Currently the plaintiff’s neck and back symptoms are present on a daily basis. They flare up when the plaintiff does anything strenuous. The symptoms aggravate, frustrate and tire the plaintiff out. They have reduced his enjoyment of recreational activities. The symptoms are a permanent feature of the plaintiff’s life. After discounting the plaintiff’s claim to account for the fact that absent the accident his lower back would have troubled the plaintiff periodically, I find that the proper award for non-pecuniary damages in this case is $75,000.
Adding to this site’s database of caselaw addressing non-pecuniary damages for TOS, reasons for judgement were released this week by the BC Supreme Court, Kelowna Registry, addressing such an injury.
In this week’s case (Small v. Upshaw) the Plaintiff was involved in three collisions; the first in 2006, the second in 2008 and the last in 2010. The Defendants admitted liability for these and it was agreed to have damages addressed globally.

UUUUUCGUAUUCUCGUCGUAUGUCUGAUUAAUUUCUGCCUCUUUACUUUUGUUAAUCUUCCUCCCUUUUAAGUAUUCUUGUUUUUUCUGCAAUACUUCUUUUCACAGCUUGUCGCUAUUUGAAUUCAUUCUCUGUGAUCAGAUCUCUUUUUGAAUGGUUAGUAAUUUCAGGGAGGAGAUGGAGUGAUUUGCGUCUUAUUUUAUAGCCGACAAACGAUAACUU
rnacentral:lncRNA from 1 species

The plaintiff suffered various soft tissue injuries and a left sided myogenic Thoracic Outlet Syndrome.
(Image by Nicholas Zarosky via Wikimedia)
His limitations continued to the time of trial and were expected to be permanent. The plaintiff worked as a journeyman auto mechanic and although he could continue to work with his injuries these limited his capacity. In assessing non-pecuniary damages at $80,000 Mr. Justice Rogers provided the following comments:
 The three medical professionals who testified at the trial, Drs. Scheffler, Vallentyne and Coghlan, all opined that the plaintiff’s present symptoms arise from and were caused by the accidents. They all felt that the plaintiff’s symptoms are likely to be permanent….